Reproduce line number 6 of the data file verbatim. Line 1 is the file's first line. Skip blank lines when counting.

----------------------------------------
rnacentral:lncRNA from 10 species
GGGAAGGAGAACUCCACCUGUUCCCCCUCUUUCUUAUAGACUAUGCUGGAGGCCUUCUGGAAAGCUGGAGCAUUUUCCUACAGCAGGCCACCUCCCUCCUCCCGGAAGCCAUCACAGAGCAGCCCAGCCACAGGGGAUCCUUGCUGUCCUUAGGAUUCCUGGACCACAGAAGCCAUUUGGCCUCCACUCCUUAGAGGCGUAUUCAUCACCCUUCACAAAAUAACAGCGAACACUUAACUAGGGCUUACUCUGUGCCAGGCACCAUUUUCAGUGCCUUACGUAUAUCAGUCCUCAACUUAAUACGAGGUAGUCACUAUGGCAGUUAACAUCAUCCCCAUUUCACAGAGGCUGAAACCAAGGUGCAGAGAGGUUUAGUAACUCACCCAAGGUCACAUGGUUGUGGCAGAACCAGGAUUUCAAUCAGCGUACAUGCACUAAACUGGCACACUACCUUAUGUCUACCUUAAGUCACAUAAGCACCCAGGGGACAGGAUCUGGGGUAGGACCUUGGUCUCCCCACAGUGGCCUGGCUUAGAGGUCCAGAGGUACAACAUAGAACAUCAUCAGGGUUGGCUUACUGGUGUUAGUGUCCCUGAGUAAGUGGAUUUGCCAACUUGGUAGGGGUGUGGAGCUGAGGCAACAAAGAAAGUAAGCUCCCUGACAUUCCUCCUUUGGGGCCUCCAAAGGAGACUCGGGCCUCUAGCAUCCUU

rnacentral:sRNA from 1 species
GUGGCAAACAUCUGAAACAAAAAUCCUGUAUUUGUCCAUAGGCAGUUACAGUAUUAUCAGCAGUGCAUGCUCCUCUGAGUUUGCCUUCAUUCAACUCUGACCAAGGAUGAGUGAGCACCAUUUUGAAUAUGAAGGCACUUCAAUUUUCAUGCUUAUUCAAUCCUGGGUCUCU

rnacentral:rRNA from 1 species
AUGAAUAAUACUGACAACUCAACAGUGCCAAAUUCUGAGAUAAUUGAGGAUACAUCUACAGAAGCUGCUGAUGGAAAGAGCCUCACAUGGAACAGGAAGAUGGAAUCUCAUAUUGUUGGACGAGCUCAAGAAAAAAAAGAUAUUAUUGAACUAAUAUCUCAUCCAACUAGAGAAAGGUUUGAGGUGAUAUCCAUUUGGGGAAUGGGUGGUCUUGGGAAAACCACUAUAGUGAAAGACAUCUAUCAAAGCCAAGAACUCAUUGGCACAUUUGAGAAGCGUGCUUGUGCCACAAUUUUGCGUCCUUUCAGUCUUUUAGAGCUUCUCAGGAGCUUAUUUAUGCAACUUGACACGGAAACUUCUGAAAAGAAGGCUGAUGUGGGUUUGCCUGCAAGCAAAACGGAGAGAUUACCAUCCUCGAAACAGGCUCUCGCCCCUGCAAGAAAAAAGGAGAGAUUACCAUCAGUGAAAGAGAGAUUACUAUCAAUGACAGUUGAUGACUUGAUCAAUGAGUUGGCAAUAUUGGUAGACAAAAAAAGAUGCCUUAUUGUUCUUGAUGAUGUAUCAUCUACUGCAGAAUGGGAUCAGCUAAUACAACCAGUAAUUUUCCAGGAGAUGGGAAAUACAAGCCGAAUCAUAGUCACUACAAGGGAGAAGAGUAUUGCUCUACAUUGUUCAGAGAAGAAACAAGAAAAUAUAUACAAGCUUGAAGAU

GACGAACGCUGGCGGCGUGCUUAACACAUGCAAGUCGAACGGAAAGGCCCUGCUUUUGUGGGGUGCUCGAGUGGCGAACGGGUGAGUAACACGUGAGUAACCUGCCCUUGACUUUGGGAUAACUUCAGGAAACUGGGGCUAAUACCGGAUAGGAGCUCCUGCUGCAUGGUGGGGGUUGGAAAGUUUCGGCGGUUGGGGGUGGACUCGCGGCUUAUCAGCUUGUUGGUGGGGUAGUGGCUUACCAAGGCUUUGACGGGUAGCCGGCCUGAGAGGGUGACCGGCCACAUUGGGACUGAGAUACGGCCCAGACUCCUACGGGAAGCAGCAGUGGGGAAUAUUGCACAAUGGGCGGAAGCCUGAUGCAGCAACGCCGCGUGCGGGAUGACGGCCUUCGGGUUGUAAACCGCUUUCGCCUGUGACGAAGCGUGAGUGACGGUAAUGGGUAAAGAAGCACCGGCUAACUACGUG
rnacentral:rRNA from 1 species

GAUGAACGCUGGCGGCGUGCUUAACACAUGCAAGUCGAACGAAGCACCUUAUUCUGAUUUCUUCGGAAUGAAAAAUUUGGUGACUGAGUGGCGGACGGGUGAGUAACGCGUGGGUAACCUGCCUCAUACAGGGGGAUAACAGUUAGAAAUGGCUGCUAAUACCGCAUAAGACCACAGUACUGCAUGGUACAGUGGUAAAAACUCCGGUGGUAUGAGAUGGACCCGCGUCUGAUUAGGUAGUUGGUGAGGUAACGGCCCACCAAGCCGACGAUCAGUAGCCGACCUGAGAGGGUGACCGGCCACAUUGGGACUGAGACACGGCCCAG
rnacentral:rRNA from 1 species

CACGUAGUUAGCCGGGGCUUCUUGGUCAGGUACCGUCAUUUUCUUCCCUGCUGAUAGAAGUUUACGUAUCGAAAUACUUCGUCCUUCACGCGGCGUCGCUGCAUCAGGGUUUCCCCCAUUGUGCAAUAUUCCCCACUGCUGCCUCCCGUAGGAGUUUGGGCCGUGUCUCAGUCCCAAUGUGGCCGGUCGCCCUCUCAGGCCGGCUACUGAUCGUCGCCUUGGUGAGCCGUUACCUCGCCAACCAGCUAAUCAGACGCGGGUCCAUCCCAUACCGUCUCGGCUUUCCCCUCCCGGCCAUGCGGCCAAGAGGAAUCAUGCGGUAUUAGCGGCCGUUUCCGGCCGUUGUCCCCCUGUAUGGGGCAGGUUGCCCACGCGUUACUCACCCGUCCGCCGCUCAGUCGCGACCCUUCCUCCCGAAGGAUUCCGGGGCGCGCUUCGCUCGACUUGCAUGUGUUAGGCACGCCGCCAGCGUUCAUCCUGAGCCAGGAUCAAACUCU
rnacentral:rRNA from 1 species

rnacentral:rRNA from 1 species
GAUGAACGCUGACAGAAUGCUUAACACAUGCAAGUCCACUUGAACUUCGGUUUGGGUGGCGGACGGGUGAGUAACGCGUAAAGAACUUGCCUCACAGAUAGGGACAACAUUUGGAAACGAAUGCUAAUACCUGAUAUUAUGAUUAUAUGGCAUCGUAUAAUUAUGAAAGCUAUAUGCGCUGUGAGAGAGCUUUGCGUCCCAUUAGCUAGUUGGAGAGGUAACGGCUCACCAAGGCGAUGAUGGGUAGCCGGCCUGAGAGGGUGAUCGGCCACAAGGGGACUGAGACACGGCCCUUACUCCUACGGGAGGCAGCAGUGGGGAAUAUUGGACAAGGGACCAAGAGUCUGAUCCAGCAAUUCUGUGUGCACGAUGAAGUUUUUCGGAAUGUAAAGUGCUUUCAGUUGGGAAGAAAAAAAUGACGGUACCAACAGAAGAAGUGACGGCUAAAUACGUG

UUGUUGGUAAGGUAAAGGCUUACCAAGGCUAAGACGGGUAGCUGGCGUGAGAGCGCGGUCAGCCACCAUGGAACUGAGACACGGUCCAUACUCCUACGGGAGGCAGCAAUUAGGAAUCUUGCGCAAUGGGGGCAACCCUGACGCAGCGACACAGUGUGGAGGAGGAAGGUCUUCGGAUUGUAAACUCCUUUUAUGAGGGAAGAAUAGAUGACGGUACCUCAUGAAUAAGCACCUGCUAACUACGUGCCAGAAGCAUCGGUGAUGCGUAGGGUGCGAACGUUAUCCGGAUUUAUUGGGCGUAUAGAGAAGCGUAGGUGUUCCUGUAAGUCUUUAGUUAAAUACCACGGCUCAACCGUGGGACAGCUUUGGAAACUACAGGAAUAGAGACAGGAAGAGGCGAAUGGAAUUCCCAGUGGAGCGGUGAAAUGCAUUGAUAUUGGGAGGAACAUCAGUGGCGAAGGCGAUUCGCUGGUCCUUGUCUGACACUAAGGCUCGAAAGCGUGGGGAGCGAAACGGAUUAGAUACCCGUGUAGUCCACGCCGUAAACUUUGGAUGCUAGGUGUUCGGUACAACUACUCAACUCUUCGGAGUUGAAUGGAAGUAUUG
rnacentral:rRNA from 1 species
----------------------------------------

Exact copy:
AUGAAUAAUACUGACAACUCAACAGUGCCAAAUUCUGAGAUAAUUGAGGAUACAUCUACAGAAGCUGCUGAUGGAAAGAGCCUCACAUGGAACAGGAAGAUGGAAUCUCAUAUUGUUGGACGAGCUCAAGAAAAAAAAGAUAUUAUUGAACUAAUAUCUCAUCCAACUAGAGAAAGGUUUGAGGUGAUAUCCAUUUGGGGAAUGGGUGGUCUUGGGAAAACCACUAUAGUGAAAGACAUCUAUCAAAGCCAAGAACUCAUUGGCACAUUUGAGAAGCGUGCUUGUGCCACAAUUUUGCGUCCUUUCAGUCUUUUAGAGCUUCUCAGGAGCUUAUUUAUGCAACUUGACACGGAAACUUCUGAAAAGAAGGCUGAUGUGGGUUUGCCUGCAAGCAAAACGGAGAGAUUACCAUCCUCGAAACAGGCUCUCGCCCCUGCAAGAAAAAAGGAGAGAUUACCAUCAGUGAAAGAGAGAUUACUAUCAAUGACAGUUGAUGACUUGAUCAAUGAGUUGGCAAUAUUGGUAGACAAAAAAAGAUGCCUUAUUGUUCUUGAUGAUGUAUCAUCUACUGCAGAAUGGGAUCAGCUAAUACAACCAGUAAUUUUCCAGGAGAUGGGAAAUACAAGCCGAAUCAUAGUCACUACAAGGGAGAAGAGUAUUGCUCUACAUUGUUCAGAGAAGAAACAAGAAAAUAUAUACAAGCUUGAAGAU